– Only 16.5% identify specific types of land that would be suitable for large-scale solar developments  
 Those wary of growth Those supporting growth
EnvironmentalistsPiedmont Environmental Council.  Concern about meeting goals of the Chesapeake Bay Watershed Agreement
– Farm and forest land play a critical role in cleaning and filtering water and keeping waterways and the Bay free of pollutants
– After decommissioning, may only be suited for pastureland because topsoil is lost to grading and the earth gets compacted
Nature Conservancy. Believes Virginia’s clean energy goals can be met without touching prime farmland, wildlife habitats, or areas of cultural or historical importance. Estimates about 6.48 million acres of land meet that criteria vs. 161,000 acres of land needed to meet VCEA solar goal. 
– Looked at elevation, distance from transmission lines, existing land cover & area
– Did not look at land price or available capacity on transmission lines
Developer assessment of using rooftops, brownfields or grayfields before using greenfields. Not easy: a site analysis showed reclaimed surface mining land would not be stable for decades and would be subject to settling. 
Land owners and  agriculture organizations– Viewshed impacts
– Traffic & construction impacts
– Loss of farmland, including driving up the cost of leasable farmland
– Virginia Farm Bureau and Virginia Agribusiness Council supports HB 206 
Virginia Land and Liberty CoalitionConservatives for Clean Energy. Solar farms are a smart investment in the nation’s energy independence. Those who insist on maintaining agricultural acreage are hurting farmers by preventing them from doing what they want with their own land.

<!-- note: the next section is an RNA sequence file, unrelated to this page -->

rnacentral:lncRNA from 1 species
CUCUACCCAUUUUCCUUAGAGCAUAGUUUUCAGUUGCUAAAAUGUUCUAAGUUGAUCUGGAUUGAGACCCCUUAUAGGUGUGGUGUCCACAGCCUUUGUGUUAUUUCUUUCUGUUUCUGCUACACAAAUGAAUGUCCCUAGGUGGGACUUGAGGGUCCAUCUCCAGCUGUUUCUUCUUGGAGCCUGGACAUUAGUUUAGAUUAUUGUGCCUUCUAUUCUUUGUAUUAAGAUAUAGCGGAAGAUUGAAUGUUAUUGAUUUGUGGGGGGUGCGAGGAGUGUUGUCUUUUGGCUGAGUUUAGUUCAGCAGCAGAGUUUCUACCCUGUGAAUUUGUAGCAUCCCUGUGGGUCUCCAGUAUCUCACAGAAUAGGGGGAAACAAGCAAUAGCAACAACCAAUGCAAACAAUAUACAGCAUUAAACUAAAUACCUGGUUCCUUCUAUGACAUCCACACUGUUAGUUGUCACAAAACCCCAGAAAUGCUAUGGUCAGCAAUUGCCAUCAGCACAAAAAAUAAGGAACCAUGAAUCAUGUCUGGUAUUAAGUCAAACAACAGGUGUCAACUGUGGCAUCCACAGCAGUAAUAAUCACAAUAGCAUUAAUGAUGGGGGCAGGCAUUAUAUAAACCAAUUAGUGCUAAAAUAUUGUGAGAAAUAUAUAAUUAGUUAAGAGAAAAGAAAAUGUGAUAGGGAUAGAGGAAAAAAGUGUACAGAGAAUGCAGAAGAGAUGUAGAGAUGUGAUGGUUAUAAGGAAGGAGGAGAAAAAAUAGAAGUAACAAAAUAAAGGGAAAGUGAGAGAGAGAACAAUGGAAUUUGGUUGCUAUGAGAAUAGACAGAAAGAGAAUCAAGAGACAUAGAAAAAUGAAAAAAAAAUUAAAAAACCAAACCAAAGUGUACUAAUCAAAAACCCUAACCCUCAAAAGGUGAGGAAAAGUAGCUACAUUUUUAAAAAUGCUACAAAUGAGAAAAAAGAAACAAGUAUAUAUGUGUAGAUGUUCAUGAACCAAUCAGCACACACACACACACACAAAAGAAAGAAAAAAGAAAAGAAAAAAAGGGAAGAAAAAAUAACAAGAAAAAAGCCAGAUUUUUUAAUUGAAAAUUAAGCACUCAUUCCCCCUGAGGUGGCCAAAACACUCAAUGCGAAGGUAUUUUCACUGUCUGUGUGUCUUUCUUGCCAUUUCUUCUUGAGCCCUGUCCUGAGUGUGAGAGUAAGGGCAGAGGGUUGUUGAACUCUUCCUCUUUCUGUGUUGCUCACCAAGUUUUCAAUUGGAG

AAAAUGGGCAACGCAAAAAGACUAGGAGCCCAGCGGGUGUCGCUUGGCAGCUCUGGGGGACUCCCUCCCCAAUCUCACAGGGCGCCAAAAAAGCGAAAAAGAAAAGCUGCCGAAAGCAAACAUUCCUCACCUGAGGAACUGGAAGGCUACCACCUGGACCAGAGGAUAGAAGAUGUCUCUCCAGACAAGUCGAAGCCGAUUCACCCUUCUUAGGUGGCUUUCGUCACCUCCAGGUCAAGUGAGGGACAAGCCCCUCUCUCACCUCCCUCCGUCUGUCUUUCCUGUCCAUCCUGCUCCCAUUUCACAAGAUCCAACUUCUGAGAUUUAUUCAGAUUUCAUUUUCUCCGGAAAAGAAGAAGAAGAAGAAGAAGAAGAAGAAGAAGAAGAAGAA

– Due to reasons of health or family succession or finances, may not be interested in farming anymore.
Local governmentsMoratoriums. Southampton, Page, and Nottaway Counties enacted moratoriums on new solar farms to give their planners a change to update zoning ordinances & see how similar projects are playing out.

Amendments. In 2021, Augusta County updated its comprehensive plan to place additional limits on utility-scale solar.  In April 2022, Mecklenburg County voted to limit the size & location of new facilities.

Declining to enact solar ordinance.  Bedford County did not approve 75 MW/843 acre solar farm with $105,000 annual income to County. Opponents noted that agriculture and tourism were top priorities in comprehensive plan and solar “will kill both.”

Virginia Association of Counites. Need for new long distance transmission lines. Existing roads may not suffice for heavy-duty truck traffic associated with solar farm construction. Stormwater concerns.   
Pulaski County (it’s a green issue, not a red or blue issue)
– Business-to-business transactions between developers and farmers who want to retain their land and earn a living from it
– Won’t be losing the land—will be retaining it; could end up being a subdivision
– Large solar facility is an economic development driver: makes the county more attractive to data centers and large corporations that take their environmental responsibilities seriously 

Charlotte County Administrator
– $1,400 per MW per year= $1.1 M for each of first 5 years with 10% increases over time
– Plus additional benefits in Siting Agreements
– But for real long term benefits, would need infrastructure like sewer & roads, which solar projects don’t provide